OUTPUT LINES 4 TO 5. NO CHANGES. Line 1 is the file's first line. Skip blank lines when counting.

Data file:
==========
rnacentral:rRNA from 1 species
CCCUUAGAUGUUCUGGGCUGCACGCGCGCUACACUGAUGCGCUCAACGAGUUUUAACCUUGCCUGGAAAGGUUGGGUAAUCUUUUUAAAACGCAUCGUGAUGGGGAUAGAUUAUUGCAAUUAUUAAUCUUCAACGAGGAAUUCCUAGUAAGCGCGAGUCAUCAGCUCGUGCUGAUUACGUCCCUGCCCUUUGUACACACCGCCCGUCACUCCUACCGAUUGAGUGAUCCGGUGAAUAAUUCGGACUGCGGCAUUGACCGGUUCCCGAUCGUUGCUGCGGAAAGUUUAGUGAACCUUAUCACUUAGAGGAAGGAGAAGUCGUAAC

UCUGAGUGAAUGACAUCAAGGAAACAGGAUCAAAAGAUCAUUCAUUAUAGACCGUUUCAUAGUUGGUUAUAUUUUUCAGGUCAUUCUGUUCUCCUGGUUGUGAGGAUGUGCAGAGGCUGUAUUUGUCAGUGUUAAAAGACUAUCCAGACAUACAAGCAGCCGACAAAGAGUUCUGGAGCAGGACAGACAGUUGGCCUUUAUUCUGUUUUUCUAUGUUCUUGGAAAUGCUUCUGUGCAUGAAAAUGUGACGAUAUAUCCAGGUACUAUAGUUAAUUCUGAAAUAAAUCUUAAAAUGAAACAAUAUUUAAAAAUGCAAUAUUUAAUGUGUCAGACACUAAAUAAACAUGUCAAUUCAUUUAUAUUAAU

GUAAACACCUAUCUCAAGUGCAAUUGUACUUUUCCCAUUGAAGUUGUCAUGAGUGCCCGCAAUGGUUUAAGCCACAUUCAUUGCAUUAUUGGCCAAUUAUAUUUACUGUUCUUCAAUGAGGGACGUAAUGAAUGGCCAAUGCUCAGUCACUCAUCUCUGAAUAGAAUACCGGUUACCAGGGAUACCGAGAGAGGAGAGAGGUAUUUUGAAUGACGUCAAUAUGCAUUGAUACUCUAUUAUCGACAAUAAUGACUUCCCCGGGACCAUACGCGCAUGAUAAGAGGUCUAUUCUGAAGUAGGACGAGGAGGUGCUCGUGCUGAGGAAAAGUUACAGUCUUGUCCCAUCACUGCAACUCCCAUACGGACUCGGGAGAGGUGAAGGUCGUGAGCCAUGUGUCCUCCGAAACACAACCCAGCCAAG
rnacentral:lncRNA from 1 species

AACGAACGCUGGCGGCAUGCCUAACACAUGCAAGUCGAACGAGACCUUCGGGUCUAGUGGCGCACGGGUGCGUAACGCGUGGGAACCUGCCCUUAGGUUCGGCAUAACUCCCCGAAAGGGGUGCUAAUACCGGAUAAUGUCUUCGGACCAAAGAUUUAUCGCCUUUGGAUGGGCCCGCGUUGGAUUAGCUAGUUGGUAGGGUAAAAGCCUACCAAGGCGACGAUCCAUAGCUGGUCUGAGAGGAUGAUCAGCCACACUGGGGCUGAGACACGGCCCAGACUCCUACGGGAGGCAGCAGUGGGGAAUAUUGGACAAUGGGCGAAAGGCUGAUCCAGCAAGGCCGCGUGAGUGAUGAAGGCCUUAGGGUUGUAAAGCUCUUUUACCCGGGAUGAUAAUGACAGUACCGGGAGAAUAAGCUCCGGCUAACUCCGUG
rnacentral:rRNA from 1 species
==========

GUAAACACCUAUCUCAAGUGCAAUUGUACUUUUCCCAUUGAAGUUGUCAUGAGUGCCCGCAAUGGUUUAAGCCACAUUCAUUGCAUUAUUGGCCAAUUAUAUUUACUGUUCUUCAAUGAGGGACGUAAUGAAUGGCCAAUGCUCAGUCACUCAUCUCUGAAUAGAAUACCGGUUACCAGGGAUACCGAGAGAGGAGAGAGGUAUUUUGAAUGACGUCAAUAUGCAUUGAUACUCUAUUAUCGACAAUAAUGACUUCCCCGGGACCAUACGCGCAUGAUAAGAGGUCUAUUCUGAAGUAGGACGAGGAGGUGCUCGUGCUGAGGAAAAGUUACAGUCUUGUCCCAUCACUGCAACUCCCAUACGGACUCGGGAGAGGUGAAGGUCGUGAGCCAUGUGUCCUCCGAAACACAACCCAGCCAAG
rnacentral:lncRNA from 1 species